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# Definitions to help evaluating potentials and their
# gradients using DerivVars and DerivVectors.
#
# Written by: Konrad Hinsen 
# Last revision: 1996-3-5
# 

"""This module offers two strategies for automagically calculating the
gradients (and optionally force constants) of a potential energy
function (or any other function of vectors, for that matter).  The
more convenient strategy is to create an object of the class
PotentialWithGradients. It takes a regular Python function object
defining the potential energy and is itself a callable object
returning the energy and its gradients with respect to all arguments
that are vectors. Example:

  def _harmonic(k,r1,r2):
      dr = r2-r1
      return k*dr*dr
  harmonic = PotentialWithGradients(_harmonic)

  energy, gradients = harmonic(1., Vector(0,3,1), Vector(1,2,0))
  print energy, gradients

prints

  3.0
  [Vector(-2.0,2.0,2.0), Vector(2.0,-2.0,-2.0)]

The disadvantage of this procedure is that if one of the arguments is a
vector parameter, rather than a position, an unnecessary gradient will
be calculated. A more flexible method is to insert calls to two
function from this module into the definition of the energy
function. The first, DerivVectors(), is called to indicate which
vectors correspond to gradients, and the second, EnergyGradients(),
extracts energy and gradients from the result of the calculation.
The above example is therefore equivalent to

  def harmonic(k, r1, r2):
      r1, r2 = DerivVectors(r1, r2)
      dr = r2-r1
      e = k*dr*dr
      return EnergyGradients(e,2)

To include the force constant matrix, the above example has to be
modified as follows:

  def _harmonic(k,r1,r2):
      dr = r2-r1
      return k*dr*dr
  harmonic = PotentialWithGradientsAndForceConstants(_harmonic)

  energy, gradients, force_constants = harmonic(1.,Vector(0,3,1),Vector(1,2,0))
  print energy
  print gradients
  print force_constants

The force constants are returned as a nested list representing a
matrix. This can easily be converted to an array for further
processing if the numerical extensions to Python are available.
"""

from Vector import Vector, isVector
import FirstDerivatives, Derivatives


def DerivVectors(*args):
    index = 0
    list = []
    for a in args:
	list.append(FirstDerivatives.DerivVector(a.x(),a.y(),a.z(),index))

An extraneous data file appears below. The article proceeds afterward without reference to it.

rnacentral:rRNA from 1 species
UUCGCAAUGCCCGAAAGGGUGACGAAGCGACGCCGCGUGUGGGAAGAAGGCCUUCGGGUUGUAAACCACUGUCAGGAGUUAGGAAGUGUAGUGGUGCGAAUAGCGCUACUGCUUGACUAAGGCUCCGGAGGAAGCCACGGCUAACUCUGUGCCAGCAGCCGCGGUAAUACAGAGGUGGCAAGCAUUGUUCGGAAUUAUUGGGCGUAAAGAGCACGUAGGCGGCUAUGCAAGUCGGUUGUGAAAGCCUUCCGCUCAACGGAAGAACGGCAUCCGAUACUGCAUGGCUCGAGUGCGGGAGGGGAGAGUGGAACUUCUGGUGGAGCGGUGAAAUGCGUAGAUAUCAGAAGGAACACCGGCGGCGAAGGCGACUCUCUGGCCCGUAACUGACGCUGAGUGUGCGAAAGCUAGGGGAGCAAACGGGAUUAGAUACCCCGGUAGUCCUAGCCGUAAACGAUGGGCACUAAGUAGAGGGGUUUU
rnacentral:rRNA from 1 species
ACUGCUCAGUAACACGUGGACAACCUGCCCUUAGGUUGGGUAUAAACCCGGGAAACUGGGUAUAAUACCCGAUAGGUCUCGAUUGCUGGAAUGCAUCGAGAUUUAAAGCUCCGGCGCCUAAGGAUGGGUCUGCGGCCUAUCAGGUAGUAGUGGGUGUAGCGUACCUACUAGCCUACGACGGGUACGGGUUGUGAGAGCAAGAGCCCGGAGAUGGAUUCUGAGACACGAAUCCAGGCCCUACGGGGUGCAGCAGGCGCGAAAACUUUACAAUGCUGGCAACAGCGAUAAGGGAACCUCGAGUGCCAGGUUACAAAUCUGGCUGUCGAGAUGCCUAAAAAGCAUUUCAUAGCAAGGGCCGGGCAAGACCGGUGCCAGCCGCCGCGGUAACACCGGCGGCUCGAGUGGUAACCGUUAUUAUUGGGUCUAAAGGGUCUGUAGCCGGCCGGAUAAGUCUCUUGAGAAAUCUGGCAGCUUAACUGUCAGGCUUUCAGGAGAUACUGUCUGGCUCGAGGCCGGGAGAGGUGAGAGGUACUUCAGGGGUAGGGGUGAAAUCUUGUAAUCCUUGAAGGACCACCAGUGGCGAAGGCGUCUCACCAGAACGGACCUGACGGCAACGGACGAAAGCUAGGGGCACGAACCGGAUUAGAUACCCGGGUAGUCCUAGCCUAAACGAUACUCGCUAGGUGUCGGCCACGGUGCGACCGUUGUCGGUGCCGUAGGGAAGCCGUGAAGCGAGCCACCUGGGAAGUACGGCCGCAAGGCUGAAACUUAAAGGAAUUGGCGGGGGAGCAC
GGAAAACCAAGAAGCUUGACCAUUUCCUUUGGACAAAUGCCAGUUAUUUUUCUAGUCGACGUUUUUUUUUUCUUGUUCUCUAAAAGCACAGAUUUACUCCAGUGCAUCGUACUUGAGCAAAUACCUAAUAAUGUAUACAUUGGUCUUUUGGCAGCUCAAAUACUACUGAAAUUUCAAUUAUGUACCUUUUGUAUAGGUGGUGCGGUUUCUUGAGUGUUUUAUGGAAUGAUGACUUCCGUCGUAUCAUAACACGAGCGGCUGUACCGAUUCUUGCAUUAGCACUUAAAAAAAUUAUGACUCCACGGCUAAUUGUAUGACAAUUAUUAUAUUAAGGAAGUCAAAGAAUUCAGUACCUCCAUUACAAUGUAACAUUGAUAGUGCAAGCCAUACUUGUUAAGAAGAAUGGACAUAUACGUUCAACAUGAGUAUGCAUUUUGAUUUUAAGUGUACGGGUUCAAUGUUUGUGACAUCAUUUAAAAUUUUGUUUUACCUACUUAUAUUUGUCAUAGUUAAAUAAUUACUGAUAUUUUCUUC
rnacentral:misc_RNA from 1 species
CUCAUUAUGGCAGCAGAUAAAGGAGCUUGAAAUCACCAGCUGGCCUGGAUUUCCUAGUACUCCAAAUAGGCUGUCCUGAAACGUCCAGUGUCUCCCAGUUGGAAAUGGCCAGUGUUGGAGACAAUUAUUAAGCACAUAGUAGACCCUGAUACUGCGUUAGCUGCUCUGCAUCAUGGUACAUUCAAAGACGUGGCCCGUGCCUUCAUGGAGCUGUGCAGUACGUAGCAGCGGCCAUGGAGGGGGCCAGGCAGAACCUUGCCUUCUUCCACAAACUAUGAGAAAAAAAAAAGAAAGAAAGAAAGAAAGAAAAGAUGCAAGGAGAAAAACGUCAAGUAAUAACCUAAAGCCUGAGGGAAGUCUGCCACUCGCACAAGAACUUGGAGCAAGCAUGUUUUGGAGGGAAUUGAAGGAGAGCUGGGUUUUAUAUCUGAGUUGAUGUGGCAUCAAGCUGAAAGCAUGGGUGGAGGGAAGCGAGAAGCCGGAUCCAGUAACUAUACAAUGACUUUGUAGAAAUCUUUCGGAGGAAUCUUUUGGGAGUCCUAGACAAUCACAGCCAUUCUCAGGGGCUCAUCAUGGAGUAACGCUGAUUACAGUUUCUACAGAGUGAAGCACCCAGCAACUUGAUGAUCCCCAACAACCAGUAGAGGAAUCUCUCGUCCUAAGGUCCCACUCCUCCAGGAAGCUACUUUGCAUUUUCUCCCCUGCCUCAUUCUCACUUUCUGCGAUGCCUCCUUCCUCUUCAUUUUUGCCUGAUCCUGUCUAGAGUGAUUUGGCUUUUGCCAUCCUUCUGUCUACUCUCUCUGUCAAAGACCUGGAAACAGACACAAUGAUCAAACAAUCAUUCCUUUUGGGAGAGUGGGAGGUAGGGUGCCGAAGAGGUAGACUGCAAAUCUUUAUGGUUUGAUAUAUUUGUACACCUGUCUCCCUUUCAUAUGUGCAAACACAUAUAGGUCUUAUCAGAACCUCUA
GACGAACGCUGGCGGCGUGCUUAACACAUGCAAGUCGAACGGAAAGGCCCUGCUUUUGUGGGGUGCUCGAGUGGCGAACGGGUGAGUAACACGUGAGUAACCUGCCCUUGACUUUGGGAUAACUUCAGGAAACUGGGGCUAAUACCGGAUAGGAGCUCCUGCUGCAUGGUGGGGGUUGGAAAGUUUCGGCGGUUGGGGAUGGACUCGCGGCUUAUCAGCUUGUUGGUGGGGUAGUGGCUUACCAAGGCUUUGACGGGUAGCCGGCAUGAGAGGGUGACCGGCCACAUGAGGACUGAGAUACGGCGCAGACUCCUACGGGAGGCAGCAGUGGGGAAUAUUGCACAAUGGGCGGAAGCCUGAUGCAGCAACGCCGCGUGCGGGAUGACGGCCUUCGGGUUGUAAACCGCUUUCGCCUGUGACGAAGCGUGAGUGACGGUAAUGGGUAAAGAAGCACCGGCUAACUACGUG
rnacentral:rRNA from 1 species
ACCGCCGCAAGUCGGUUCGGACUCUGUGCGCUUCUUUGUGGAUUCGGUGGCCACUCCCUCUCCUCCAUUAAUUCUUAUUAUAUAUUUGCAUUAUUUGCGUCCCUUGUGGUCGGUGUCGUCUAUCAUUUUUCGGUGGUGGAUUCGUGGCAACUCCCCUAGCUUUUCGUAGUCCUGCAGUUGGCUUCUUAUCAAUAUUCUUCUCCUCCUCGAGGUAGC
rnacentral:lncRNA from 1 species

index = index + 3
    return tuple(list)

def EnergyGradients(e, n):
    energy = e[0]
    deriv = e[1]
    deriv = deriv + (3*n-len(deriv))*[0]
    gradients = []
    i = 0
    for j in range(n):
	gradients.append(Vector(deriv[i],deriv[i+1],deriv[i+2]))
	i = i+3
    return (energy, gradients)

def EnergyGradientsForceConstants(e, n):
    energy = e[0]
    deriv = e[1]
    deriv = deriv + (3*n-len(deriv))*[0]
    gradients = []
    i = 0
    for j in range(n):
	gradients.append(Vector(deriv[i],deriv[i+1],deriv[i+2]))
	i = i+3
    return (energy, gradients, e[2])


# Potential function class with gradients

class PotentialWithGradients:

    def __init__(self, func):
	self.func = func

    def __call__(self, *args):
	arglist = []
	nvector = 0
	index = 0
	for a in args:
	    if isVector(a):
		arglist.append(FirstDerivatives.DerivVector(a.x(),a.y(),a.z(),
							    index))
		nvector = nvector + 1
		index = index + 3
	    else:
		arglist.append(a)
	e = apply(self.func, tuple(arglist))
	return EnergyGradients(e,nvector)


# Potential function class with gradients and force constants

class PotentialWithGradientsAndForceConstants:

    def __init__(self, func):
	self.func = func

    def __call__(self, *args):
	arglist = []
	nvector = 0
	index = 0
	for a in args:
	    if isVector(a):
		arglist.append(Derivatives.DerivVector(a.x(),a.y(),a.z(),
						       index, 2))
		nvector = nvector + 1
		index = index + 3
	    else:
		arglist.append(a)
	e = apply(self.func, tuple(arglist))
	return EnergyGradientsForceConstants(e,nvector)
Modified: Tue Mar 5 17:00:00 1996 GMT
Page accessed 5274 times since Sat Apr 17 21:35:45 1999 GMT